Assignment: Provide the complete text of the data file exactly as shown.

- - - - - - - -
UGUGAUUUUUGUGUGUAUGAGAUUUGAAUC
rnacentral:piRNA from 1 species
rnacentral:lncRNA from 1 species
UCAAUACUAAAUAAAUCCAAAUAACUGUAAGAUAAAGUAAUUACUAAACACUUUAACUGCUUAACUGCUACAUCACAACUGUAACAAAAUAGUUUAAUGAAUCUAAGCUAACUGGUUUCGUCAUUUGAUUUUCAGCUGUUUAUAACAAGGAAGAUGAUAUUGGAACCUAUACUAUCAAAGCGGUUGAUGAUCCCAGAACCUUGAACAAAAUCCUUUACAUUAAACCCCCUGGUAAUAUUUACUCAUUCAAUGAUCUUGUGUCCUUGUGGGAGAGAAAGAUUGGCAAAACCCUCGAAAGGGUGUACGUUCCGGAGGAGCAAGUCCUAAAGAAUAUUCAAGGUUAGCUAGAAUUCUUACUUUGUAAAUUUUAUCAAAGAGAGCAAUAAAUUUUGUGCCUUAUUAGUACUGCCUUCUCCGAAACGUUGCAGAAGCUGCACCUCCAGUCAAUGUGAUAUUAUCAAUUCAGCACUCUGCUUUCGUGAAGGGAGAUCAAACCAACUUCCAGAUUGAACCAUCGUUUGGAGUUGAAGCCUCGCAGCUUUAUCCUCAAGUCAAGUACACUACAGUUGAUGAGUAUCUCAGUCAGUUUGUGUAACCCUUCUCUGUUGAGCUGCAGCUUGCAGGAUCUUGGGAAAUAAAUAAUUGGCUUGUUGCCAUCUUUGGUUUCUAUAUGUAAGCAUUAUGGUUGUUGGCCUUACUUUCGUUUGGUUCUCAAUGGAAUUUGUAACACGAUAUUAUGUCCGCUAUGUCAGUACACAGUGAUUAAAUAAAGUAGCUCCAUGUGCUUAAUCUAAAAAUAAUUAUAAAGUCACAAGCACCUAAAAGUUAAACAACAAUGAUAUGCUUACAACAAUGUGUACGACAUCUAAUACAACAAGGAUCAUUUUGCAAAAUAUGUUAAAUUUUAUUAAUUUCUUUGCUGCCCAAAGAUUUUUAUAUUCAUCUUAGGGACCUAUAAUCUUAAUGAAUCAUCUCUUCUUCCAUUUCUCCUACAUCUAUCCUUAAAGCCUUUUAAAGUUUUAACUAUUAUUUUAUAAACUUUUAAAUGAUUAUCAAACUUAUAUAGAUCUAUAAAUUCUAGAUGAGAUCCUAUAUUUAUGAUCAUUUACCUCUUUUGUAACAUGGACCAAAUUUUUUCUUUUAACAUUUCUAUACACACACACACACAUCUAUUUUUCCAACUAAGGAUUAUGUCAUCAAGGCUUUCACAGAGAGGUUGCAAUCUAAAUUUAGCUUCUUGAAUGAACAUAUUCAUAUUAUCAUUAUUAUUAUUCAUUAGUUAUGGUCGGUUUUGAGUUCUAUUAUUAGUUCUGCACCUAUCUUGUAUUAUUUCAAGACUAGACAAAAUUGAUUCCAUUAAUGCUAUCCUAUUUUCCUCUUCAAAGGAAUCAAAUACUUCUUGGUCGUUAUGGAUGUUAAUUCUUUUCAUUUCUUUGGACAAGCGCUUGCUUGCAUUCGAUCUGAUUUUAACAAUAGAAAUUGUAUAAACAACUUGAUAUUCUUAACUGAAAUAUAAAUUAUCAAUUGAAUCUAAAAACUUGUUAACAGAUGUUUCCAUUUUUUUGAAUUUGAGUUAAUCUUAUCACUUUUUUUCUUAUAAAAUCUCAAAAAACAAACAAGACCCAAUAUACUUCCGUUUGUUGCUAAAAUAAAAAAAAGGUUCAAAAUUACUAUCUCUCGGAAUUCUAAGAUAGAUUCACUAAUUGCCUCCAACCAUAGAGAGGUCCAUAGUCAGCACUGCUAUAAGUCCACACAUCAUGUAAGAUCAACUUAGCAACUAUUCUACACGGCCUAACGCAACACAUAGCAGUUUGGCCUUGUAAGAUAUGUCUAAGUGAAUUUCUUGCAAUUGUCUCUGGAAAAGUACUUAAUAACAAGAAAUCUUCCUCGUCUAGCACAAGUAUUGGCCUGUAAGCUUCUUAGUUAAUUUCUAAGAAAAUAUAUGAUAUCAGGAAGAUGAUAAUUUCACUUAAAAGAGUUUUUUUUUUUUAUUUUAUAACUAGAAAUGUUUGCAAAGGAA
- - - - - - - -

UGUGAUUUUUGUGUGUAUGAGAUUUGAAUC
rnacentral:piRNA from 1 species
rnacentral:lncRNA from 1 species
UCAAUACUAAAUAAAUCCAAAUAACUGUAAGAUAAAGUAAUUACUAAACACUUUAACUGCUUAACUGCUACAUCACAACUGUAACAAAAUAGUUUAAUGAAUCUAAGCUAACUGGUUUCGUCAUUUGAUUUUCAGCUGUUUAUAACAAGGAAGAUGAUAUUGGAACCUAUACUAUCAAAGCGGUUGAUGAUCCCAGAACCUUGAACAAAAUCCUUUACAUUAAACCCCCUGGUAAUAUUUACUCAUUCAAUGAUCUUGUGUCCUUGUGGGAGAGAAAGAUUGGCAAAACCCUCGAAAGGGUGUACGUUCCGGAGGAGCAAGUCCUAAAGAAUAUUCAAGGUUAGCUAGAAUUCUUACUUUGUAAAUUUUAUCAAAGAGAGCAAUAAAUUUUGUGCCUUAUUAGUACUGCCUUCUCCGAAACGUUGCAGAAGCUGCACCUCCAGUCAAUGUGAUAUUAUCAAUUCAGCACUCUGCUUUCGUGAAGGGAGAUCAAACCAACUUCCAGAUUGAACCAUCGUUUGGAGUUGAAGCCUCGCAGCUUUAUCCUCAAGUCAAGUACACUACAGUUGAUGAGUAUCUCAGUCAGUUUGUGUAACCCUUCUCUGUUGAGCUGCAGCUUGCAGGAUCUUGGGAAAUAAAUAAUUGGCUUGUUGCCAUCUUUGGUUUCUAUAUGUAAGCAUUAUGGUUGUUGGCCUUACUUUCGUUUGGUUCUCAAUGGAAUUUGUAACACGAUAUUAUGUCCGCUAUGUCAGUACACAGUGAUUAAAUAAAGUAGCUCCAUGUGCUUAAUCUAAAAAUAAUUAUAAAGUCACAAGCACCUAAAAGUUAAACAACAAUGAUAUGCUUACAACAAUGUGUACGACAUCUAAUACAACAAGGAUCAUUUUGCAAAAUAUGUUAAAUUUUAUUAAUUUCUUUGCUGCCCAAAGAUUUUUAUAUUCAUCUUAGGGACCUAUAAUCUUAAUGAAUCAUCUCUUCUUCCAUUUCUCCUACAUCUAUCCUUAAAGCCUUUUAAAGUUUUAACUAUUAUUUUAUAAACUUUUAAAUGAUUAUCAAACUUAUAUAGAUCUAUAAAUUCUAGAUGAGAUCCUAUAUUUAUGAUCAUUUACCUCUUUUGUAACAUGGACCAAAUUUUUUCUUUUAACAUUUCUAUACACACACACACACAUCUAUUUUUCCAACUAAGGAUUAUGUCAUCAAGGCUUUCACAGAGAGGUUGCAAUCUAAAUUUAGCUUCUUGAAUGAACAUAUUCAUAUUAUCAUUAUUAUUAUUCAUUAGUUAUGGUCGGUUUUGAGUUCUAUUAUUAGUUCUGCACCUAUCUUGUAUUAUUUCAAGACUAGACAAAAUUGAUUCCAUUAAUGCUAUCCUAUUUUCCUCUUCAAAGGAAUCAAAUACUUCUUGGUCGUUAUGGAUGUUAAUUCUUUUCAUUUCUUUGGACAAGCGCUUGCUUGCAUUCGAUCUGAUUUUAACAAUAGAAAUUGUAUAAACAACUUGAUAUUCUUAACUGAAAUAUAAAUUAUCAAUUGAAUCUAAAAACUUGUUAACAGAUGUUUCCAUUUUUUUGAAUUUGAGUUAAUCUUAUCACUUUUUUUCUUAUAAAAUCUCAAAAAACAAACAAGACCCAAUAUACUUCCGUUUGUUGCUAAAAUAAAAAAAAGGUUCAAAAUUACUAUCUCUCGGAAUUCUAAGAUAGAUUCACUAAUUGCCUCCAACCAUAGAGAGGUCCAUAGUCAGCACUGCUAUAAGUCCACACAUCAUGUAAGAUCAACUUAGCAACUAUUCUACACGGCCUAACGCAACACAUAGCAGUUUGGCCUUGUAAGAUAUGUCUAAGUGAAUUUCUUGCAAUUGUCUCUGGAAAAGUACUUAAUAACAAGAAAUCUUCCUCGUCUAGCACAAGUAUUGGCCUGUAAGCUUCUUAGUUAAUUUCUAAGAAAAUAUAUGAUAUCAGGAAGAUGAUAAUUUCACUUAAAAGAGUUUUUUUUUUUUAUUUUAUAACUAGAAAUGUUUGCAAAGGAA